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Help heat damage

CrazyChef

Well-Known Member

carcass

Well-Known Member
Welcome to 420,Kokeman:welcome:

I'm assuming you grow outside? (more info would be nice)
If you are outside,You need to try and keep that pot (can?) cooler-paint it white,or cover it with white towels or something,and cover the soil also-
If the temp is 100,the pot and the soil in it can easily get hot enough to cook and kill the roots.
And that metal can it's in doesn't help...
In the ground,this isn't a problem,for obvious reasons.
 

TorturedSoul

Member of the Month: May 2009, Oct 2010, Sept 2017
They tend to recover on their own (to large extent), assuming conditions improve fairly quickly. What you can do is get it into a larger container so that it can grow a larger root system, which will better allow the plant to take in moisture and transpire moisture via the tiny pores in the undersides of its leaves, which are called stomata. This, especially in the presence of a good wind (fan, indoors), is how oak trees survive those hot Summer days - and why a large one can easily use 50 to 300 gallons of water per day.

Long term, if you expect to see high temperatures now and then, you could consider switching to a DWC hydroponic setup with a large reservoir, extreme aeration, and of course great airflow through the canopy. Then your plants will be even more efficient at this process (and have more water available). Decent-sized plants can and do transpire gallons of water per day when there is a need, assuming they have access to it.
 

TorturedSoul

Member of the Month: May 2009, Oct 2010, Sept 2017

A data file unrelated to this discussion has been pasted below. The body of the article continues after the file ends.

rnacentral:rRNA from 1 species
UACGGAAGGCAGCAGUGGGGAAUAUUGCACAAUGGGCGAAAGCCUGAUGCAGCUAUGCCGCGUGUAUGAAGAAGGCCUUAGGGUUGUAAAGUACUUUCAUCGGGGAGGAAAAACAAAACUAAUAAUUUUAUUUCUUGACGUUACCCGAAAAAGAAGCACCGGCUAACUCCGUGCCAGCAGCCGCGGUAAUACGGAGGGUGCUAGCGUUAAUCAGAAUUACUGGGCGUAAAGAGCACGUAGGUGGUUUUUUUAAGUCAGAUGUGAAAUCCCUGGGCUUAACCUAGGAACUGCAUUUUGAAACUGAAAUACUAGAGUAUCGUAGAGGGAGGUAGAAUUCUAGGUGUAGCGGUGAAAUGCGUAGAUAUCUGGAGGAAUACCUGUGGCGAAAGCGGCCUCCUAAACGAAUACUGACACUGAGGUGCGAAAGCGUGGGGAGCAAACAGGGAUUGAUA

I'm assuming you grow outside?
Oops; I hadn't considered that possibility.

(more info would be nice)
:thumb:.

If you are outside,You need to try and keep that pot (can?) cooler-paint it white,or cover it with white towels or something,and cover the soil also-
If the temp is 100,the pot and the soil in it can easily get hot enough to cook and kill the roots.
In the ground,this isn't a problem,for obvious reasons.
Maybe it's possible to transplant it directly into the ground?
 

George Mc

Well-Known Member
Yes it's solely outside IL going to put it in a bigger pot. Should I trim the leaves off that are curling up and browning
Let the plant remove any nutrients it wants from the curling or Browning leaves. If you cut them off the plant might start pulling nutrients from other leaves and then you'll cut those off and so on and so on and then you're screwed. When the plant is done with them they will die and fall off okay.
 

TorturedSoul

Member of the Month: May 2009, Oct 2010, Sept 2017
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